On October 25, 2021 two Oregon voters filed a petition with the Oregon Supreme Court challenging the Legislative Assembly's enacted state House redistricting plan as violating Oregon's redistricting statutes. Petitioners' claims centered around state House Districts 8 and 12, which they asserted were drawn for the purpose of protecting an incumbent state Senator from a primary challenge by placing the likely challenger, an incumbent state Representative, into a different Senate district. By doing so, the petitioners asserted the plan violated Oregon Revised Statute § 188.010(2), which prohibits districts being "drawn for the purpose of favoring any . . . incumbent legislator." Additionally, petitioners alleged to achieve this incumbent protection, the Legislative Assembly failed to consider and wholly disregarded traditional redistricting criteria including preserving communities of interest and adhering to natural and logical boundaries in violation of Oregon Revised Statute § 188.010(1). They sought a judicial declaration that the state's enacted legislative plan violated Oregon law and a court order requiring the Secretary of State to revise the plan to correct the legal violations.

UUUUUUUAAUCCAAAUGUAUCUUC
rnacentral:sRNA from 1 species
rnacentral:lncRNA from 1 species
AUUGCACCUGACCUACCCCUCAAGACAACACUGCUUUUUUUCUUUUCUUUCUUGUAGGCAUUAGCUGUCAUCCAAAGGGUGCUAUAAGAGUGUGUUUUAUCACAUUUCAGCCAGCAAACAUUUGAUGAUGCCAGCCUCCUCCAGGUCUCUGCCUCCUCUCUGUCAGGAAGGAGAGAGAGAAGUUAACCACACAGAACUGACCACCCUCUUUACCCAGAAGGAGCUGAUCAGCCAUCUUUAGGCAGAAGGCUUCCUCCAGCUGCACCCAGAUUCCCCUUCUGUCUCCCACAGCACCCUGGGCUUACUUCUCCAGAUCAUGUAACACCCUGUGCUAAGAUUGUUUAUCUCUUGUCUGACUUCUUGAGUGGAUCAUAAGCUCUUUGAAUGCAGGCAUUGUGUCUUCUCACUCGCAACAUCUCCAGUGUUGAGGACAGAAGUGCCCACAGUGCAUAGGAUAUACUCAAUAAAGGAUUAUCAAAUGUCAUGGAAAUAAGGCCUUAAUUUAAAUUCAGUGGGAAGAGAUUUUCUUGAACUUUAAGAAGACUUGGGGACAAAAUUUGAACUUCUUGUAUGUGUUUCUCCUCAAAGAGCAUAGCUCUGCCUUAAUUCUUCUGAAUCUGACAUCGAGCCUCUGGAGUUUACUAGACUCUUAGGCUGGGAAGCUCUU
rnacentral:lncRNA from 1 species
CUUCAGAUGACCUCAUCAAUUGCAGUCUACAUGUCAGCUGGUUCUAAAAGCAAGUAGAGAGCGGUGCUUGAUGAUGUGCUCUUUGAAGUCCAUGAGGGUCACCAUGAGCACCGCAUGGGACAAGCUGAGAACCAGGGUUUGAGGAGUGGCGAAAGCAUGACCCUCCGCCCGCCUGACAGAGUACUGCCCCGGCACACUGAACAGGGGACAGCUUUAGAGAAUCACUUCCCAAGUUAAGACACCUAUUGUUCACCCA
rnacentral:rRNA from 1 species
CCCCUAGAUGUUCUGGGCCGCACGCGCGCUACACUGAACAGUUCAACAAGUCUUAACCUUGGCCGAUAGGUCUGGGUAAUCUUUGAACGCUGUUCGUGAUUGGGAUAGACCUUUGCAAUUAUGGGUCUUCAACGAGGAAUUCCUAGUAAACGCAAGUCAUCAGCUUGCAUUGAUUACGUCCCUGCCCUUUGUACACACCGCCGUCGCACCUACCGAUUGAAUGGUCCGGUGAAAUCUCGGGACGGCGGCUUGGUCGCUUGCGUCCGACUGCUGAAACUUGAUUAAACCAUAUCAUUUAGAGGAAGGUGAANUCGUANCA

On November 22, 2021 the Oregon Supreme Court issued an opinion ruling in favor of the defendants and upholding the plan on the grounds the plaintiffs failed to sufficiently support their claims. The court explained based on the evidence presented by the parties as to the reasons for the configuration of House Districts 8 and 10, it could not conclude that "no reasonable legislature" would have made the decisions regarding the commonalities and connections between the communities involved as the Legislative Assembly made here. Similarly, the court found the plaintiffs had not produced sufficient evidence to establish that the Legislative Assembly enacted the plan with an improper intent to favor incumbents.

Related Case: Sheehan v. Oregon Legislative Assembly


Oregon Supreme Court - No. S068989 [together with No. S068991]